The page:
Published: 09:03, 25 June 2007
A REVOLUTIONARY multi-million pound moveable barrier aimed at easing traffic delays along the M20 during Operation Stack could be ready to use in a year.
Transport minister and Kent MP Dr Steve Ladyman said government plans to invest £12.6million in a Quick Moveable Barrier would mean the M20 could stay open when the police-led operation is triggered because of disruption at the ports of Dover and Folkestone.
The prospect of a partial solution to the problems caused by Operation Stack was broadly welcomed across the county. However, council chiefs, Kent Police and hauliers said a lorry park was still needed to provide a permanent solution.
The 8km barrier will be used to keep two lanes open on the M20 when what is known as "phase one" of Operation Stack is implemented. It will allow a contra-flow to be operated on the London-bound carriageway of the M20, meaning that traffic can remain on the motorway rather than being diverted on to the A20 at Junction 11.
Dr Ladyman said: "We believe that barrier will provide an effective improvement for Phase One of Operation Stack and can be in place within a year.
"Clearly, we would like an off-road solution and if the county council can come up with the right solution that is cost effective, we will look closely at it. But in the meantime, this will help keep the traffic moving and will stay in place so long as it is necessary."
The option of a second barrier to use when the second phase of Operation Stack is triggered between Maidstone and Ashford will also be investigated.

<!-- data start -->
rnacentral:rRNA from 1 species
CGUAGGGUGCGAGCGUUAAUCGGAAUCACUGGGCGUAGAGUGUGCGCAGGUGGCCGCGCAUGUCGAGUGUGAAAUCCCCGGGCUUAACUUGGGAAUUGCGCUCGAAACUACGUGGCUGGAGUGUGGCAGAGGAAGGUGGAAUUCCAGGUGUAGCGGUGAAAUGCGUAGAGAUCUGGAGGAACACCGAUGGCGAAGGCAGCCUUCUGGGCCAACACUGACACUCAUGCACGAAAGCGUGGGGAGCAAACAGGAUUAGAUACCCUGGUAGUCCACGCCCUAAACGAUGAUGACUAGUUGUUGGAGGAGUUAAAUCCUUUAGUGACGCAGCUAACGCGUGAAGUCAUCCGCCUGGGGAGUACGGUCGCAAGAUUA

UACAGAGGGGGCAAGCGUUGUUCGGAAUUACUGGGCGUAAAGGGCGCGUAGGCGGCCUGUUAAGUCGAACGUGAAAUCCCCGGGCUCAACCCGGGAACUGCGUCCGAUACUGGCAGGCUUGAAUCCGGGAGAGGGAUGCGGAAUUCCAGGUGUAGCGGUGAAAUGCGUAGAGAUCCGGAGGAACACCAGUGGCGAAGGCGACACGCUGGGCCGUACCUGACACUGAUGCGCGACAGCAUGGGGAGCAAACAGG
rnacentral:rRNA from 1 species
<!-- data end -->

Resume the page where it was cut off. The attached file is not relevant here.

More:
"If it looks like a lorry park could be delayed we will extend the barrier to phase two, provided it is cost effective," said Dr Ladyman, who announced the investment at Dover on Monday.
The announcement was welcomed by Kent Police chief Mike Fuller but insisted a long-term answer was still required. He said: "We see it as a short-term solution and ultimately we want a solution that gets vehicles off the road."
Kent County Council described the announcement as a "positive signal".
Cllr Keith Ferrin (Con), cabinet member for highways, said: "It's a step in the right direction. A lorry park offers the best medium to long-term solution."
The Freight Transport Association, which is based in Kent, also stressed the need for a lorry park capable of holding several thousand trucks.
Gordon Telling, FTA head of policy, said: "We are pleased the Government is taking this seriously but we do not want this announcement to allow plans for a lorry park to be put on the backburner."